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8 tips for effective 2024 open enrollment communication

open enrollment 2024

Now more than ever, employees are looking to their employers for guidance on navigating available benefits and how to stretch their dollars further. As such, effective communication for open enrollment 2024 is critical.

According to a Willis Towers Watson report, 84% of employers plan to expand their tools in 2023 to help employees navigate their enrollment decisions, compared with 70% last year. Employees are likely paying more attention this year as they navigate record-high inflation and work to maximize every hard-earned dollar.

Many of today’s workers want help understanding how much money to put aside for retirement, emergency savings and healthcare expenses. Employers have an opportunity to shine by effectively communicating and guiding employees throughout the enrollment process and the rest of the year.

As the 2024 open enrollment season approaches, employers are poised to provide their employees with resources and digital tools. Here are eight tips you can use to effectively communicate and distribute these materials so your employees better understand and act with more confidence when making benefits decisions.

Communicating with employees

Educating and informing employees about their benefits package is an integral part of open enrollment. Effective communication is critical to educate and inform employees about new, returning or expanded benefits options. Consider these eight communication tips:

1. Start early

Get the word out early about benefits offerings so employees have ample time to understand their benefits, consult with family members and determine their needs for the following year. There’s no such thing as communicating “too soon” about enrollment. Repetitive messaging and reminders increase the odds of an employee seeing enrollment information and understanding the upcoming benefit changes and how they work.

2. Develop key messaging

After solidifying benefits options, employers need to plan their communication strategies. The first step is figuring out key messaging, focusing on new or updated benefits offerings and developing frequently asked questions to address common concerns.

3. Select a mix of appropriate channels

Just as many workplaces operate in a hybrid model, successful employee communications can be done in a similar manner. For example, digital channels can help distribute and house information virtually, allowing employees to access it when and where they need it. Chat functionality with benefits vendors can also be a helpful digital tool to assist employees in figuring out which benefits they need.

Alternatively, there’s still a time and place for company-wide onsite meetings and mail-to-home print communication. Postcards and other mailers are still relevant and can serve as a reminder to discuss and review benefits options at home. Every workplace is different, so it comes down to selecting various communication channels that are relevant and engaging to each organization’s specific employees.

4. Keep it simple

It’s vital to simplify any benefits information being shared. Employees don’t need to know everything, so employers should highlight what’s necessary to understand about the benefits and information to help them decide if they need it. Links or attachments could explore the benefits further and offer the “fine print.”

5. Make it digestible

It’s crucial to catch employees’ attention and present the key message immediately before they lose interest. Traditional benefits booklets can be lengthy; instead, employers can deliver bite-sized information to employees through methods such as videos and emails. If all open enrollment information is given at once, it’s easy for employees to become overwhelmed and disengage from employer-provided information. Digestible communication makes it easy for employees to know what to focus and take action on.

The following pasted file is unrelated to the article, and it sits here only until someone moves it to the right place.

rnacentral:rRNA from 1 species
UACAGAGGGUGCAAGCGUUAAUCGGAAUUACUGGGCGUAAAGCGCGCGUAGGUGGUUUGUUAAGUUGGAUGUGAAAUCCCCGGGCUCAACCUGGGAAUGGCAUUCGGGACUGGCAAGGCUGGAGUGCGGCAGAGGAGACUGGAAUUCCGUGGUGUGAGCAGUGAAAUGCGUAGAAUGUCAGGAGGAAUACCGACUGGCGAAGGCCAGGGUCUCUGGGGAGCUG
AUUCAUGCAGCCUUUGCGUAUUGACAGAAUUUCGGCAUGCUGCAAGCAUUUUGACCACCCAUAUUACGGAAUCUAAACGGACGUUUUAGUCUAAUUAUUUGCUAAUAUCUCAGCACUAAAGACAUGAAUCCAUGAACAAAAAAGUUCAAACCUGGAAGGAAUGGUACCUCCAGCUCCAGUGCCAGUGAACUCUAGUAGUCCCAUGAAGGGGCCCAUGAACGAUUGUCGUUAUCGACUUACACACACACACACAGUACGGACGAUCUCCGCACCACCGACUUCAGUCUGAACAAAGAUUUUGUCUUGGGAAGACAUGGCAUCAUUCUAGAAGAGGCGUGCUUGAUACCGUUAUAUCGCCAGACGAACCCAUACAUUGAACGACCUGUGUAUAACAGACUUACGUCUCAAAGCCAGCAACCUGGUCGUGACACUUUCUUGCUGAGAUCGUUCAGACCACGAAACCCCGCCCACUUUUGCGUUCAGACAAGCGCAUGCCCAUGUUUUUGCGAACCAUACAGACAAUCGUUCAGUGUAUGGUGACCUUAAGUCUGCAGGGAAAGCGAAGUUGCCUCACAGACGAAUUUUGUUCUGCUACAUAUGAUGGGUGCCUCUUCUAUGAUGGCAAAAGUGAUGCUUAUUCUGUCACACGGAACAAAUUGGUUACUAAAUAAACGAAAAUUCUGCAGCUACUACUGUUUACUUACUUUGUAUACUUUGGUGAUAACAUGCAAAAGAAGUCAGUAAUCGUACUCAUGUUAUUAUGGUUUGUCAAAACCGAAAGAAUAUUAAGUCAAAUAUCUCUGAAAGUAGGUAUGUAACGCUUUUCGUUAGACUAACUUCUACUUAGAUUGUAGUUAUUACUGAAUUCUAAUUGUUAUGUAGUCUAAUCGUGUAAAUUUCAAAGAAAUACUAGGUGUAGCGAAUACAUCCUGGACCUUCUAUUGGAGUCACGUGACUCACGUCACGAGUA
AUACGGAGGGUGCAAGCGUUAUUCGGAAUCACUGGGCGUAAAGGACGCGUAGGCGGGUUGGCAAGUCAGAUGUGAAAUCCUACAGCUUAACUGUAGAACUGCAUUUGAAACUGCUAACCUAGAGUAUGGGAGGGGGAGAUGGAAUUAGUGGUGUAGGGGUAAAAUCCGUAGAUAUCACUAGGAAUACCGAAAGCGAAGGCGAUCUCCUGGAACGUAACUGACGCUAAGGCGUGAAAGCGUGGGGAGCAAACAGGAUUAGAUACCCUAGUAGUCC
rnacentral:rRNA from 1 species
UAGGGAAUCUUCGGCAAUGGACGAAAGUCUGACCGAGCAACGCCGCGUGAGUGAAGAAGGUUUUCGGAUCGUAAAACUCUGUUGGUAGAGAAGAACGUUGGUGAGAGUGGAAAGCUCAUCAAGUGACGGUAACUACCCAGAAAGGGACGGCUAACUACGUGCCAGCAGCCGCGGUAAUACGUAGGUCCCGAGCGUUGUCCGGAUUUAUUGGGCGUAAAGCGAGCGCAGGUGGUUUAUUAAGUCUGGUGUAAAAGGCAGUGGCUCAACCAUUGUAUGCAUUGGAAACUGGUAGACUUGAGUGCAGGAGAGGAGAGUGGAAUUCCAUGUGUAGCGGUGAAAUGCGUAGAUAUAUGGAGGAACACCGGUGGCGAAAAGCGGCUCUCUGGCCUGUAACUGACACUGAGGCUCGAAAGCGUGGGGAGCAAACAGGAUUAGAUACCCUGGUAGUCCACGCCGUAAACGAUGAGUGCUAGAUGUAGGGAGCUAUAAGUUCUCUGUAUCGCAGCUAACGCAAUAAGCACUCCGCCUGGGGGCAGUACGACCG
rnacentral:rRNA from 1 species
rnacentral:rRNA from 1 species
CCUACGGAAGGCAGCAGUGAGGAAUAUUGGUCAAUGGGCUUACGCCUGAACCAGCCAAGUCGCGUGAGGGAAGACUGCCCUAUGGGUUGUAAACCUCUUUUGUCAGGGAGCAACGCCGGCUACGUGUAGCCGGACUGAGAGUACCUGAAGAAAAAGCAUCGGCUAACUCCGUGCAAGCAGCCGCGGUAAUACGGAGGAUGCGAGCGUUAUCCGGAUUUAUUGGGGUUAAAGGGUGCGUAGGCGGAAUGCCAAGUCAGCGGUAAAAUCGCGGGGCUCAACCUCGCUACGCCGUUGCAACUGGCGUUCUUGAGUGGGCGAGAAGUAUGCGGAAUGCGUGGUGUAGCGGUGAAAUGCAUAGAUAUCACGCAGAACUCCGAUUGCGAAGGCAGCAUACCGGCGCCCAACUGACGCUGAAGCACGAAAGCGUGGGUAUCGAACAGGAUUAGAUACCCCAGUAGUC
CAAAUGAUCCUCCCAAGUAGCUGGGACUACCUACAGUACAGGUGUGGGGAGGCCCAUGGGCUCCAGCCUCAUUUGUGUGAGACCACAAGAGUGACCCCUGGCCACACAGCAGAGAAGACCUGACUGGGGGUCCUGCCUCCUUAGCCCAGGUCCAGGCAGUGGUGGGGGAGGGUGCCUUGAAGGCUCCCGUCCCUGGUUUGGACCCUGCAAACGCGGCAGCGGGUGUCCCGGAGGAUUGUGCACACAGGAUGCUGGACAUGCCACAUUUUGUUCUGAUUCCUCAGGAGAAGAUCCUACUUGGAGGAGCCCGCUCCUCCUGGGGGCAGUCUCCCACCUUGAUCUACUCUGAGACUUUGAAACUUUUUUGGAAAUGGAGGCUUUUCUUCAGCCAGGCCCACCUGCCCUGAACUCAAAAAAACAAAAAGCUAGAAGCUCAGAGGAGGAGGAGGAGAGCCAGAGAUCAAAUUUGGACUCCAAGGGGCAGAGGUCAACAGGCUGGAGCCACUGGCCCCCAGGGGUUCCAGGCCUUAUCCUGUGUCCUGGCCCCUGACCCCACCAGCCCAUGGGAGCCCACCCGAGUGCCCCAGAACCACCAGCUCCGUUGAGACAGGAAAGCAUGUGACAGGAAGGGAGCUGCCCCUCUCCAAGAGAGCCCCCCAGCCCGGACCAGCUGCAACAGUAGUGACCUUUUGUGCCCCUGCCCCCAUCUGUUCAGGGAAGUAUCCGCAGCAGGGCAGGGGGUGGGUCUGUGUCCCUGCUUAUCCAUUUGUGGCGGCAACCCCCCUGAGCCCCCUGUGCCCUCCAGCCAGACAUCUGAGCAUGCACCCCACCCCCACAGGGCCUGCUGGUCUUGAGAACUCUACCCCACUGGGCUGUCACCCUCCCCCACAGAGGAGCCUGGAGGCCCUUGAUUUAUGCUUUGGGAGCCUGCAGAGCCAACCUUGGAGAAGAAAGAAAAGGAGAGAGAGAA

6. Use real-world examples.

When possible, employers can put benefits offerings in context with real-world scenarios. Employees can relate to stories, so find ways to bring the options to life. For example, instead of describing telemedicine as a 24/7 benefit, highlight that an employee could get healthcare answers in the middle of the night when they have a child running a high fever. There is a good chance employees will need to use healthcare benefits during the next year, so it’s important to reiterate the importance of complete coverage.

7. Avoid jargon

Avoid HR or benefits-related jargon to help make benefits easier to understand. Additionally, many benefits are acronyms, so employers should help decode and explain them to employees.

8. Personalize communication

A personalized approach can help engage employees with open enrollment information. Employers will likely need to segment their employee audience and tweak messaging so it resonates, depending on the workforce and their working environments. For example, open enrollment methods and communication would look different for remote and onsite employees.

Key takeaways for effective benefits communication

Benefits can be complicated. Although open enrollment is the most pivotal time to highlight benefits to employees, employers have an opportunity to educate employees throughout the year.

It’s important to remember that effective employee communication is an ongoing process, but it comes down to helping employees feel well-informed about their benefits options and confident about their choices. This will encourage them to understand and use the benefits available to them.

If you’d like additional open enrollment support, don’t hesitate to reach out to HANYS Benefit Services today! Our dedicated team of experts is happy to assist you in your employee benefits and open enrollment process.

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